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Gerald George Gille


Assigned to 506BS, 44BG, 8AF USAAF. Failed to Return (FTR) Brunswick mission 8-Apr-44 in B-24 42-7767 'Shack Rabbit'; Volunteered to crew on 67BS A/C. Shot down by fighters, baled out at low level. Prisoner of War (POW). MACR 3849

Awards: PH, BS, POW, WWII Victory, EAME.

In his own words; - “On the early morning of April 8th, 1944 I was awakened and asked if I would like to volunteer for the navigator’s; job, flying with the ‘foreign’ 67th Squadron. Being one mission behind my regular crew, I consented, and found myself with Lt Thom’s crew after breakfast. Our mission was to Brunswick with a direct route through ‘Flak Alley’.
“After assembly in the air, and crossing the European coast, I noticed we were having trouble keeping in formation. I always thought we should have aborted, but Lt. Thom was making every effort to keep up. Upon entering Germany, we were straggling badly, and sure enough, Me 109 enemy aircraft were attacking between eleven and one o’clock, high.
“It seemed as though they were about 10 abreast. The first pass they crippled two of our engines. Now we were really far behind our formation. On the second pass, they shot out the far left (#1) engine and our electrical system, and the remaining left engine, #2, was smoking. A 20-mm shell exploded just under the nose turret and blew out the nose wheel tire and covering. The bombsight also got a direct hit, saving my life, I believe, as only my right ankle caught the fragments.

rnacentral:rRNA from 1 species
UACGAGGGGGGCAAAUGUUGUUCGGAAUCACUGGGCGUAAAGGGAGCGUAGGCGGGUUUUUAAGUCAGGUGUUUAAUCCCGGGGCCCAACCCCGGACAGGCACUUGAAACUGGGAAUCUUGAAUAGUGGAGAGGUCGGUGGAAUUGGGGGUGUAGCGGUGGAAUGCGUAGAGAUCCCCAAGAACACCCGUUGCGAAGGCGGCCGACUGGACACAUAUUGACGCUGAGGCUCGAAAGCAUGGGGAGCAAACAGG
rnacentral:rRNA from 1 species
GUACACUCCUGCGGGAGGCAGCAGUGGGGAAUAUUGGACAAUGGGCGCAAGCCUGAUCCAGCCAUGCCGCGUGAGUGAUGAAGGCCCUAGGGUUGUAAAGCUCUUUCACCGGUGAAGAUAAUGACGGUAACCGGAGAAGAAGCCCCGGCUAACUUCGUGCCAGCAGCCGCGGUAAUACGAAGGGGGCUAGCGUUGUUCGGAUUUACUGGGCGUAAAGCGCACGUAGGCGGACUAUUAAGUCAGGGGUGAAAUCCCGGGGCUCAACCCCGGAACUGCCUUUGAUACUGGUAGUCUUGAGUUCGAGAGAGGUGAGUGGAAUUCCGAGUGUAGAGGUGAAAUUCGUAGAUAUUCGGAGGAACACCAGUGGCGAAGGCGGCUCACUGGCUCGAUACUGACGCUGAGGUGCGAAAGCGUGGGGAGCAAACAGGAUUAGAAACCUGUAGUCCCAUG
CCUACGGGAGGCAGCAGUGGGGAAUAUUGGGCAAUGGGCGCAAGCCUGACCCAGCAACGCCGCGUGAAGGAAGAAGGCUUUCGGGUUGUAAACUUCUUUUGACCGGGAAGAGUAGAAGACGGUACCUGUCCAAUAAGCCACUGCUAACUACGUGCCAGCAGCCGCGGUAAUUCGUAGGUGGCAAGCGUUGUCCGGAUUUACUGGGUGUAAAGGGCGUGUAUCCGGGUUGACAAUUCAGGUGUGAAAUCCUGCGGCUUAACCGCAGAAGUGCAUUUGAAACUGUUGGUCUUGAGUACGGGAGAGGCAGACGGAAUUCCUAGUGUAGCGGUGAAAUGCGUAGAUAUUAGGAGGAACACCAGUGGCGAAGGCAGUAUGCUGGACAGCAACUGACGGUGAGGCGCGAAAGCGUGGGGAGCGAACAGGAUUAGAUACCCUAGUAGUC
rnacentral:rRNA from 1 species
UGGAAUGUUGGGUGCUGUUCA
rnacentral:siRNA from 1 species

“This all started at approximately 21,000 feet. After helping to get the bombardier (Alcott) out of the nose turret, I stood up and looked out the astrodome to see Lt. Thom motioning for us to bailout. We were in a flat spin, and after watching the altimeter slowly winding down, I checked my chute straps, zipped my leather jacket closed, after making sure I had escape rations. I decided to forget about my flight cap, checked the altimeter again – it was at 6,000 feet – stood up and looked out the nose astrodome again and saw no one left, and got ready to jump. The last reading on the altimeter was 1500 feet when I dived out the missing nose door head first.
“We were in the suburbs of Hannover when the plane crashed and exploded. (So the MACR data was incorrect) I found myself landing in a two acre ploughed field with a sprained, wounded right ankle, with blood running out of my G.I. boot. I was gathering my parachute together when a German soldier on a motorcycle came to me off the road, into the field where I was. He jumped off his motorcycle and pointed his rifle at me, yelling, ‘Pistol? Pistol?’ I said ‘Nein’ and offered him some chewing gum, which he declined.
“I tried to explain to him about my damaged ankle and that it was hard for me to walk. But he
forced me to carry my gathered parachute down the road approximately one-half a mile to a flak tower. Then I was able to sit down on the mound levee around the flak gun. Several of our crew’s sergeants soon were captured and brought to this same assemblage where I found out all of the crew got out safely!”